It is important that we take time to remember and reflect on key moments in our history particularly when they mark a decisive move towards recognising the basic rights of citizens.
By any measure the vote 25 years ago to decriminalise homosexuality is a turning point in modern Irish history. It did not end discrimination – and we have not ended discrimination – but it did set off a chain of actions which have changed our country unquestionably for the better.
The decriminalisation legislation was first and foremost a victory for a generation of exceptional campaigners. They worked with extraordinary passion and no small amount of bravery to say loudly and proudly that Irish society must end the appalling stigma of criminality which gave force to an almost endemic homophobia. The forerunner of what is today the National LGBTI Federation was central to this.
As with too many social changes in our country, the spark for change came from a terrible tragedy. The murder of Declan Flynn in Fairview Park in September 1982 began a movement which suffered many setbacks but ultimately triumphed 11 years later.
The decision of the Supreme Court’s majority in the case taken by Senator David Norris may well be the worst in that Court’s history and it is certainly, and rightly, it’s most infamous.
However even then a mark of a brighter future could be found in the powerful dissent of Niall McCarthy. A deeply committed believer in the rights and republican motivation of the constitution, McCarthy tore apart the idea that an imported Victorian morality and legislation should negate the personal rights guaranteed to citizens of this republic.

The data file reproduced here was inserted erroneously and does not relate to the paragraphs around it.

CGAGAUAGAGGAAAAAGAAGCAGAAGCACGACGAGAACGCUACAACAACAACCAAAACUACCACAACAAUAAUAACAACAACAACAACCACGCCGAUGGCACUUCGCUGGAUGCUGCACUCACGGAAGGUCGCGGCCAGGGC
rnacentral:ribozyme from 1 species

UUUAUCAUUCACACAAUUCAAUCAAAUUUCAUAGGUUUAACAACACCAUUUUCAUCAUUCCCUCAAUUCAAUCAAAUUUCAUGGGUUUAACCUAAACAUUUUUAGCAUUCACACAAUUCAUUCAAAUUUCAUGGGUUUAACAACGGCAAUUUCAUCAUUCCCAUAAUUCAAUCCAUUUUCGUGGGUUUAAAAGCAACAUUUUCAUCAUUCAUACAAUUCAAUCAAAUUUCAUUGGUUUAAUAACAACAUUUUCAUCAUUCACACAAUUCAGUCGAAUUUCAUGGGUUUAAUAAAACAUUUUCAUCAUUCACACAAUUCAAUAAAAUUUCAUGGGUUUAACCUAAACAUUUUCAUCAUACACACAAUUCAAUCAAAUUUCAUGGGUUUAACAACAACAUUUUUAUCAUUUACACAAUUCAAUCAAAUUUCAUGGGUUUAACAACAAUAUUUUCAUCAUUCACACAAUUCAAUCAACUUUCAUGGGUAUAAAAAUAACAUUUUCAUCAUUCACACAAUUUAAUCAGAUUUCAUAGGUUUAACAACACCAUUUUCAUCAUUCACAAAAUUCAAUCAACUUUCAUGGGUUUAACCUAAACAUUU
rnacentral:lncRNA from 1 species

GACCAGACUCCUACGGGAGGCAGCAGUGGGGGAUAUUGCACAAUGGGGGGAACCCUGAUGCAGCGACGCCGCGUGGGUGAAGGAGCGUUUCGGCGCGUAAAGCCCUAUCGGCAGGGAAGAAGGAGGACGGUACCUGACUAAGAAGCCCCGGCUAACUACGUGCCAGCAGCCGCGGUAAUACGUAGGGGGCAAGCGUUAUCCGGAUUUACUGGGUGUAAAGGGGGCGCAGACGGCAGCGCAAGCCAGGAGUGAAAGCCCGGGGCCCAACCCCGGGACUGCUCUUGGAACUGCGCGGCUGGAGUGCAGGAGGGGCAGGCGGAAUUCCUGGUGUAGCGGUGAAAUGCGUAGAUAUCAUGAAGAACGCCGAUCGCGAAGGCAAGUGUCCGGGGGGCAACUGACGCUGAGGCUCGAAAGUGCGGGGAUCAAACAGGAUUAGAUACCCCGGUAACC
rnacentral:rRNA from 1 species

The subsequent judgement of the European Court of Human Rights put the focus squarely on the Oireachtas to act. After unjustified delays the programme for government agreed between Labour and Fianna Fáil in 1992 stated clearly that change would be enacted.
If you look back at the Dáil debates as well as general commentary there are important lessons for us and signals for the progress which happened step by step in the following two decades.
It is wrong to see Máire Geoghegan-Quinn as simply the line minister who happened to be in charge of the bill. In fact she made two major contributions.
Firstly she insisted that the House should see this as a human rights issue and not as some minor cleaning up of an out of date statute. It was, she said, essential that we accepted the inherent human rights of homosexual couples.
And secondly she, with the backing of the cabinet, rejected attempts to keep some inequality in the law.
In Britain and other countries decriminalisation was often done on a piecemeal basis and governments made gestures to homophobia such as having an unequal age of consent.
Importantly the European Court left the issue of the age of consent up to national law. A proposal was made at Committee Stage by the largest opposition party in the Dáil to have an unequal age of consent.
The minister and many others rejected both the proposal and the logic behind it. Then Deputy Alan Shatter, with others such as Deputy Frances Fitzgerald, were so uncomfortable with their own party’s amendment that they actually filibustered it so that it was never voted on.